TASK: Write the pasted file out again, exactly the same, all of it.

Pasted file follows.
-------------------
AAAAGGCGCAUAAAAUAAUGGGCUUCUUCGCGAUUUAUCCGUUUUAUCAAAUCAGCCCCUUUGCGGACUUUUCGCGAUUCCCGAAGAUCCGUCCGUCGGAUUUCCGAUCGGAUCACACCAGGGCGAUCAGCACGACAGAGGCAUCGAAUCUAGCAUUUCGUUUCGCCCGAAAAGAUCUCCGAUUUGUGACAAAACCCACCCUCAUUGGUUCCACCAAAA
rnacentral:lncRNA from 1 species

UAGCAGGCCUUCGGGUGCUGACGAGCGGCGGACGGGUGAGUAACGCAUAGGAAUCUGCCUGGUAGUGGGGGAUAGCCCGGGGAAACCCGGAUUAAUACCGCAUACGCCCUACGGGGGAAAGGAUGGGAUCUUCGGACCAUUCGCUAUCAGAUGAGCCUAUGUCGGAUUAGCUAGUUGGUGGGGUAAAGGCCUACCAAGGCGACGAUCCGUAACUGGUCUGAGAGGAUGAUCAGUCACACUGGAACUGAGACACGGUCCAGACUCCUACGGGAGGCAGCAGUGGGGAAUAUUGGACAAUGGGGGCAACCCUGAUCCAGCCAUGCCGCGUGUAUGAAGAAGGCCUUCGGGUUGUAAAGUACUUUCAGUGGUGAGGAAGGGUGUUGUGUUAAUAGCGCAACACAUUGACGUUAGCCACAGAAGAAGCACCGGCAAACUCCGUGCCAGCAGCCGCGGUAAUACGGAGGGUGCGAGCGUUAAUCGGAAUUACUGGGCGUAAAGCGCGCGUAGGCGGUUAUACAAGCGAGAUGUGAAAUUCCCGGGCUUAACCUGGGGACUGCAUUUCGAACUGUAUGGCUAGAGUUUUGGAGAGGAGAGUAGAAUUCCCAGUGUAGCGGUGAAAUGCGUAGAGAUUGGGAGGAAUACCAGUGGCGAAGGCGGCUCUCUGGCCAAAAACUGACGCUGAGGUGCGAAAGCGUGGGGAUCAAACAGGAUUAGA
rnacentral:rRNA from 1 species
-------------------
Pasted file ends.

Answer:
AAAAGGCGCAUAAAAUAAUGGGCUUCUUCGCGAUUUAUCCGUUUUAUCAAAUCAGCCCCUUUGCGGACUUUUCGCGAUUCCCGAAGAUCCGUCCGUCGGAUUUCCGAUCGGAUCACACCAGGGCGAUCAGCACGACAGAGGCAUCGAAUCUAGCAUUUCGUUUCGCCCGAAAAGAUCUCCGAUUUGUGACAAAACCCACCCUCAUUGGUUCCACCAAAA
rnacentral:lncRNA from 1 species

UAGCAGGCCUUCGGGUGCUGACGAGCGGCGGACGGGUGAGUAACGCAUAGGAAUCUGCCUGGUAGUGGGGGAUAGCCCGGGGAAACCCGGAUUAAUACCGCAUACGCCCUACGGGGGAAAGGAUGGGAUCUUCGGACCAUUCGCUAUCAGAUGAGCCUAUGUCGGAUUAGCUAGUUGGUGGGGUAAAGGCCUACCAAGGCGACGAUCCGUAACUGGUCUGAGAGGAUGAUCAGUCACACUGGAACUGAGACACGGUCCAGACUCCUACGGGAGGCAGCAGUGGGGAAUAUUGGACAAUGGGGGCAACCCUGAUCCAGCCAUGCCGCGUGUAUGAAGAAGGCCUUCGGGUUGUAAAGUACUUUCAGUGGUGAGGAAGGGUGUUGUGUUAAUAGCGCAACACAUUGACGUUAGCCACAGAAGAAGCACCGGCAAACUCCGUGCCAGCAGCCGCGGUAAUACGGAGGGUGCGAGCGUUAAUCGGAAUUACUGGGCGUAAAGCGCGCGUAGGCGGUUAUACAAGCGAGAUGUGAAAUUCCCGGGCUUAACCUGGGGACUGCAUUUCGAACUGUAUGGCUAGAGUUUUGGAGAGGAGAGUAGAAUUCCCAGUGUAGCGGUGAAAUGCGUAGAGAUUGGGAGGAAUACCAGUGGCGAAGGCGGCUCUCUGGCCAAAAACUGACGCUGAGGUGCGAAAGCGUGGGGAUCAAACAGGAUUAGA
rnacentral:rRNA from 1 species